PHNOM PENH (Reuters) - Cambodia has cancelled the diplomatic passports of some opposition members weeks after a Supreme Court ruling dissolved their political party, senior government officials said on Thursday.
The court outlawed the Cambodia National Rescue Party (CNRP) this month at the request of authoritarian Prime Minister Hun Sen’s government in a move that prompted the United States to cut election funding and threaten more punitive steps.
Huy Vannak, undersecretary of state at the Interior Ministry, said 56 diplomatic passports of former members of the CNRP had been revoked.
“Legally, they are just ordinary citizens, they are no longer special officials who receive diplomatic passports,” Huy Vannak told Reuters. “They can no longer use them and it means that they can use normal passports.”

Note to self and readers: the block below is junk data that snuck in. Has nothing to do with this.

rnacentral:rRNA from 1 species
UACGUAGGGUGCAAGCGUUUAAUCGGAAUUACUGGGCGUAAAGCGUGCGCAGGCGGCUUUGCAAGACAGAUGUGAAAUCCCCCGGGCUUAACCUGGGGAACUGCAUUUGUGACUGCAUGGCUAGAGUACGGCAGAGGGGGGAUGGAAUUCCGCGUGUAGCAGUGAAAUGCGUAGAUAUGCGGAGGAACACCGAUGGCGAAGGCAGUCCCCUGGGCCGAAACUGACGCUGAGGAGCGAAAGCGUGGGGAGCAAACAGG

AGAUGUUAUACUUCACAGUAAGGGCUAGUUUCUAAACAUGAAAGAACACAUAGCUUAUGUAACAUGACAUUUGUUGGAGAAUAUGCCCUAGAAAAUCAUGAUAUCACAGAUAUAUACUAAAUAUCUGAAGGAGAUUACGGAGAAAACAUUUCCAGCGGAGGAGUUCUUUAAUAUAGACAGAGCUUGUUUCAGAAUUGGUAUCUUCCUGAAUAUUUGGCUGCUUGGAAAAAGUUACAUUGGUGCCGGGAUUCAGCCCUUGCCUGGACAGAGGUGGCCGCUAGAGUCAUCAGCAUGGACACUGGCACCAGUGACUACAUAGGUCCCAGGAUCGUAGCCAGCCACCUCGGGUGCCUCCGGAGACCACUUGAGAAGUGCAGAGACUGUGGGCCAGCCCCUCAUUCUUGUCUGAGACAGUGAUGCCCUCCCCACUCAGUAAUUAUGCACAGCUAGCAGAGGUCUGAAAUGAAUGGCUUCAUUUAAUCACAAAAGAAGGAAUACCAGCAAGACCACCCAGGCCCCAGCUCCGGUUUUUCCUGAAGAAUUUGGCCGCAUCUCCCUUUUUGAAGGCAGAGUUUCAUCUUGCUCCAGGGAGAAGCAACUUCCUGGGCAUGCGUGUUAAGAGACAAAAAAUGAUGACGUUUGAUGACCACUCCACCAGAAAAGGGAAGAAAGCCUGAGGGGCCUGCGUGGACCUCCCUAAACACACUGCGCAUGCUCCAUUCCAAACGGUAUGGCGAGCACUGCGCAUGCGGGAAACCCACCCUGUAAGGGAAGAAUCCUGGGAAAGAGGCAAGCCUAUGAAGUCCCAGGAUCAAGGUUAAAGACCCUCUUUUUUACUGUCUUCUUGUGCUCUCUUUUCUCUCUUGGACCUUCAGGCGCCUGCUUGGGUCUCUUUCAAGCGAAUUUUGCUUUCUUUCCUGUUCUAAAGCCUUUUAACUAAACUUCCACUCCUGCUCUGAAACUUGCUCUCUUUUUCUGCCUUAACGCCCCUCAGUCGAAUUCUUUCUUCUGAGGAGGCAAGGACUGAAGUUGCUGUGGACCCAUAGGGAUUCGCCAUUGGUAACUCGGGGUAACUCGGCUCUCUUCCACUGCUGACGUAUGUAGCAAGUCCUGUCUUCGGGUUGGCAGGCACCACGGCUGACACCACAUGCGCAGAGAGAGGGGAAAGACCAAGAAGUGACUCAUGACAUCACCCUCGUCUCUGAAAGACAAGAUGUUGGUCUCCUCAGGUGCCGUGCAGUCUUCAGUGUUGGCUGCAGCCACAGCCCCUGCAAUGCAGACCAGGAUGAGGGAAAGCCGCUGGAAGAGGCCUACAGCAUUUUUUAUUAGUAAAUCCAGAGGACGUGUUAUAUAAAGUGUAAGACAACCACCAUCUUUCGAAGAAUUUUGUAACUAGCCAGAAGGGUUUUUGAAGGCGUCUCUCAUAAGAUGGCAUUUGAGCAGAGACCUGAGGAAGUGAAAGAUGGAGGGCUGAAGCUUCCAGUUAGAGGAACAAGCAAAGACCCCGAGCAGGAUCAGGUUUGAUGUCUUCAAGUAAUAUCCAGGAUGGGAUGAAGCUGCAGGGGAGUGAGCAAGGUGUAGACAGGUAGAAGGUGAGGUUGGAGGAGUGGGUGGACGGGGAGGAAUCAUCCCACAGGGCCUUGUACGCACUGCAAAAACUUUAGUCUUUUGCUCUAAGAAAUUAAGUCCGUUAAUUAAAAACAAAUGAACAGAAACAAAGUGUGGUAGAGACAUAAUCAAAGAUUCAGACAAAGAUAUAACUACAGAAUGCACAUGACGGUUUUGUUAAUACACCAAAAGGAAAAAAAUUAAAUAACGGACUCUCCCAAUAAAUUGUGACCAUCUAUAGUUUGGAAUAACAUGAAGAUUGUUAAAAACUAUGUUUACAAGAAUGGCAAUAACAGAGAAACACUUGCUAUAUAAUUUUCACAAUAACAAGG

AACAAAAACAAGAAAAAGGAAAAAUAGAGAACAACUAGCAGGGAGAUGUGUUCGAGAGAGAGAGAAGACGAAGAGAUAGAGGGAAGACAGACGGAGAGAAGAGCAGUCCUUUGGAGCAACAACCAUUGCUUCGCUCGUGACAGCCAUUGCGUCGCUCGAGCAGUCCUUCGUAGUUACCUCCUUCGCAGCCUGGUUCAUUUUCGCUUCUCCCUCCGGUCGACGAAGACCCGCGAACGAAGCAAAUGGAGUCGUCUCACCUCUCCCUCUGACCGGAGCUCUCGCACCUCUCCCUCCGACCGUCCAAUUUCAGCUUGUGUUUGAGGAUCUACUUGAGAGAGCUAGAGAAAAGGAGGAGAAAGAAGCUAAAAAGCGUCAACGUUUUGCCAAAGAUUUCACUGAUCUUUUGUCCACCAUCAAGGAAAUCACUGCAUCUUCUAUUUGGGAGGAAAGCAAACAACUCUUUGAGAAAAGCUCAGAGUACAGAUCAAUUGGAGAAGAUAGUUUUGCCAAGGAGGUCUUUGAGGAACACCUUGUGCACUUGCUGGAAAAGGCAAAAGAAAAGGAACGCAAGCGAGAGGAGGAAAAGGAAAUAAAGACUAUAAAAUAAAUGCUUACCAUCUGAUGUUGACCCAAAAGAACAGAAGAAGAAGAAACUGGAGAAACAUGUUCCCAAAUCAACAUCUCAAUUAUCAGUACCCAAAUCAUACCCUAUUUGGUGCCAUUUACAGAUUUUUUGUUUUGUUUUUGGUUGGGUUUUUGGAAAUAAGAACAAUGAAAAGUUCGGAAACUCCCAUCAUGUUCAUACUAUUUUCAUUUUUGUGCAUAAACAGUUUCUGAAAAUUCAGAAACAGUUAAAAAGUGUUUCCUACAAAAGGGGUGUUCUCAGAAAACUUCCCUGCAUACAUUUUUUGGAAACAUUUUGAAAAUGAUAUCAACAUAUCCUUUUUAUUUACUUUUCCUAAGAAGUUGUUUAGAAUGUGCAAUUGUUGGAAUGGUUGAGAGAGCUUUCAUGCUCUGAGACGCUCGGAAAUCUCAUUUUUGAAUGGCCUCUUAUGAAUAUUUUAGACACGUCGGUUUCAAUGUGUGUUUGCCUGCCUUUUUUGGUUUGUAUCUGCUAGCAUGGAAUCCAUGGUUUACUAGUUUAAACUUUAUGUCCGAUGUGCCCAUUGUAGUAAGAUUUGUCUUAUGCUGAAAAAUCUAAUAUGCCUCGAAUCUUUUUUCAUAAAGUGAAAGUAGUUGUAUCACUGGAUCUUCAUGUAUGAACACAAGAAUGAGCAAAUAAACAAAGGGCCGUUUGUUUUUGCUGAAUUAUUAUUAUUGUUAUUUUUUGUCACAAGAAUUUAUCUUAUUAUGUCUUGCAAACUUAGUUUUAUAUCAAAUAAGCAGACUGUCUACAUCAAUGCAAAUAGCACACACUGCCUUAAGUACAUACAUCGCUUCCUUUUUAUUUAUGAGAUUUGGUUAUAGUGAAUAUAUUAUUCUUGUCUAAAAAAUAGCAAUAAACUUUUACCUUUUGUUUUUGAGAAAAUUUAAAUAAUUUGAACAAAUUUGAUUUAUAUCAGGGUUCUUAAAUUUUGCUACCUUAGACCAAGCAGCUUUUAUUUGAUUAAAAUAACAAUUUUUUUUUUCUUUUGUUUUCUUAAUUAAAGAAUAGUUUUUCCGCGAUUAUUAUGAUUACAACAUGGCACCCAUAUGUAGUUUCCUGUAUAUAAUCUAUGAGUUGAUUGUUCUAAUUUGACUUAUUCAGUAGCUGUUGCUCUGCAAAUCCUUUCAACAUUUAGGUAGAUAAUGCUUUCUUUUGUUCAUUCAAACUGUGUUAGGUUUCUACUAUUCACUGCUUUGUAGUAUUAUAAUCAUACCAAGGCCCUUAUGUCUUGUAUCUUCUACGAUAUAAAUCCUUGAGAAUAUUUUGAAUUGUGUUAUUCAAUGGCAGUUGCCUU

The move comes after a warning this week from Hun Sen that former members of the CNRP who have fled to Thailand may be sent back to Cambodia.
Government spokesman Phay Siphan told Reuters on Thursday he was unaware whether there was any attempt to bring back to Cambodia those in hiding in Thailand.
Rights groups and some Western governments have voiced concern over what they say is the deterioration of Cambodia’s political landscape ahead of a 2018 election that had looked set to be the biggest challenge to Hun Sen’s 32-year rule.
CNRP leader Kem Sokha was arrested in September and charged with treason over an alleged plot to take power with American help. Washington has rejected the accusations as baseless.
The Nov. 16 Supreme Court ruling ordered a five-year political ban for 118 members of the CNRP, including Kem Sokha.
The 55 parliamentary seats the CNRP won in the last election in 2013 were allocated to smaller parties after the ruling.
Reporting by Prak Chan Thul; Editing by Amy Sawitta Lefevre and Clarence Fernandez